When I was trying to come up with a new topic for my next blog, I started thinking about the music that I’ve heard played at “typical” weddings. No sooner did I start brainstorming did I have a meeting with a potential client that asked me a question I always answer honestly, but never really sat and comtemplated the actual importanct. His question was, “What are the songs you play at EVERY wedding?”
If you have read the blogs I’ve posted previously, you have gotten at least a sense of the fact that I view each wedding as its own, unique experience specifically designed and created around the subject of the event, be it a bride and groom, company, the child the Bar or Bat Mizvah is for, etc. This means, though it is a safe bet that, for a time, a number of the current “popular” songs will be played, there are no typical songs, because the tastes of each person will vary, sometimes dramatically from one event to the next. As an example, I DJed a wedding this past weekend where the couple really enjoyed country music, so throughout specific parts of the event, country music was played. In sharp contrast, the couple from a wedding I DJed roughly month ago really liked music considered ‘Down Tempo Electronica’, so that is what was played during their event.
This brings me to the part of the night where the dance floor opens and we expect people to start dancing. There are many ways to do this and each DJ has their own idea what works best. One of the things I always talk to my clients about is the importance of dancing at their event. I’ve learned over the years that guests at a wedding are very selective in what they remember from the event. Overwhelmingly, no matter how delicious and expensive it was, guests typically do not remember how good the food was, though they will remember if it was bad, and they do not typically remember how pretty the flowers were, or how great the cake was, even if it was absolutely delicious and the flowers were gorgeous! What they remember most of all is how much fun they had at the wedding, and this is a direct reflection on the DJ and Emcee they choose. (On a personal note, this one of, if not THE main reason I enjoy DJing/Emceeing so much! I really enjoy knowing that ‘I’ was given the opportunity help create such a great event for my clients!)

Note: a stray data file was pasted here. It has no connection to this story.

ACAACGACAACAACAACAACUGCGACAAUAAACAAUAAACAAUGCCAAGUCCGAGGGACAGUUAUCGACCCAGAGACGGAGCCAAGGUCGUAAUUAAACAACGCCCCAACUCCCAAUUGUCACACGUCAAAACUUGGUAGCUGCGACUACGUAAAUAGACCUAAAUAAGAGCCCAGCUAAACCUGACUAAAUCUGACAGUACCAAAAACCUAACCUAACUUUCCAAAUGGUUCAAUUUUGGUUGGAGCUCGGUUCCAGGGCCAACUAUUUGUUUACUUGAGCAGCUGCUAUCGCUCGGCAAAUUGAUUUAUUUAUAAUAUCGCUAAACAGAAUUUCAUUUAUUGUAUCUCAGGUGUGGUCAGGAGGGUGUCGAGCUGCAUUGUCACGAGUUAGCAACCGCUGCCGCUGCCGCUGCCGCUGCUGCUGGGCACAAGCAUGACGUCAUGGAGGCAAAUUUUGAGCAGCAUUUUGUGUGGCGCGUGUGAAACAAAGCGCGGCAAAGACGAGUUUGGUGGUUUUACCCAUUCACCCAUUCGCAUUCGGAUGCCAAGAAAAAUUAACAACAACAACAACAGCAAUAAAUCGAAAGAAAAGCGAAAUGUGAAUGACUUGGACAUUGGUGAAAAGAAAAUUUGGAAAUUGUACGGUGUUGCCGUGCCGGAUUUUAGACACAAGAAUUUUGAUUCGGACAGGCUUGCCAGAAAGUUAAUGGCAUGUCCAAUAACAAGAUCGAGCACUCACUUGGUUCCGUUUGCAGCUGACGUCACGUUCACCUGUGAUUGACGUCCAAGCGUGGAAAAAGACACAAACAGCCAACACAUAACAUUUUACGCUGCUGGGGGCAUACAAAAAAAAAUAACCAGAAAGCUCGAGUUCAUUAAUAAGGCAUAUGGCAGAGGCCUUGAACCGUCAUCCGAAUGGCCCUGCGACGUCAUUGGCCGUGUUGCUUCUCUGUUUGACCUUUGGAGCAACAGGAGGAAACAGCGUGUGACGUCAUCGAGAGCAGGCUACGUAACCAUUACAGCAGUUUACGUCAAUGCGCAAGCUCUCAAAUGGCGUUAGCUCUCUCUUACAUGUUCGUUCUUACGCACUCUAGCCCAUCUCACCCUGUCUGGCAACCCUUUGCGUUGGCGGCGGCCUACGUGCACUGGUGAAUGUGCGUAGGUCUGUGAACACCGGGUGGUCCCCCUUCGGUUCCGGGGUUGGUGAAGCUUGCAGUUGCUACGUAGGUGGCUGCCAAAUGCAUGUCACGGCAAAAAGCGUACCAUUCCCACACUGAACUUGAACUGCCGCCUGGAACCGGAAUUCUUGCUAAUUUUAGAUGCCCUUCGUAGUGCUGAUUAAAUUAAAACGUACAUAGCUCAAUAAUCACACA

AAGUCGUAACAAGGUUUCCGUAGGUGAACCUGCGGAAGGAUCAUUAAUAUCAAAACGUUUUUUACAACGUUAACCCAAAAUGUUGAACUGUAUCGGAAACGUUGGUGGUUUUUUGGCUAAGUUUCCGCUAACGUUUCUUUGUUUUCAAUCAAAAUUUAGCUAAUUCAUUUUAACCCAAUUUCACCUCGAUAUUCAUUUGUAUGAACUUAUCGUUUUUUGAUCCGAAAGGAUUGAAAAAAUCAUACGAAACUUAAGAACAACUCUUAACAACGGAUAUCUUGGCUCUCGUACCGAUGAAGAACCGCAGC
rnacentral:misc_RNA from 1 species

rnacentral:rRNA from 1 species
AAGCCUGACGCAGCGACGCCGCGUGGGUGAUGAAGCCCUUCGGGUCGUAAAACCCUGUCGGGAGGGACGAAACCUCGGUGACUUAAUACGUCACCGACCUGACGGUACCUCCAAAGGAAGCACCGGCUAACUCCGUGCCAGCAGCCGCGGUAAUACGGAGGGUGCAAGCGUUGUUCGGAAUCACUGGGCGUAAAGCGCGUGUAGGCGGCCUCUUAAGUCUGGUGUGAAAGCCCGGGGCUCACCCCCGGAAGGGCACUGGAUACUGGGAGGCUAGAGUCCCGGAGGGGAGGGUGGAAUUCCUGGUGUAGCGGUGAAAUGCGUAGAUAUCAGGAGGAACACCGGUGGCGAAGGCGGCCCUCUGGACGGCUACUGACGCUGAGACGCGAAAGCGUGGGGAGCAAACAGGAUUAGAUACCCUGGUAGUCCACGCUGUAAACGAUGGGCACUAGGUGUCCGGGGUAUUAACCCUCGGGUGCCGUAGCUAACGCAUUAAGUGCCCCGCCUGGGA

As I mentioned earlier, most DJs will have a technique they use at EVERY wedding to get people on the dancefloor, and some of them are more memorable than others, for better or for worse, which brings me to the songs. There is no question that songs like YMCA and Macho Man by the Village People, Mambo #5 by Lou Bega, Ice Ice Baby by Vanilla Ice, the Chicken Dance, the Macarena, and many more are extremely recognizable songs and, because they are so widely recognizable, people will tend to dance to them. At the same time, however, when you play a song like that, you run the risk of your guests not remembering how much fun they had, how smoothly the event went, or how much they did not want the party to end, but simply remembering that you had the YMCA or you did the Chicken Dance at your wedding. Sure, you may get a couple of great photos of uncle Lou doing the Macarena, but there are plenty of other ways to get a crowd up, from certain other popular, dare I say, less “cheesy” songs, to particular, pre-determined events that encourage people to make their way onto the dance floor. These events are all subject to client approval and certainly will not work for every crowd, which is a great reason to make sure your DJ has more than one technique. Additionally, as I’ve metioned in previous blogs, the ability to “read the crowd” is another way a DJ will know what will work and what will not.
***Geoff Maddox has been a wedding and event DJ and emcee for the past 10 years in Orange County and Los Angeles. To learn more, please visit http://gmeDJ.com.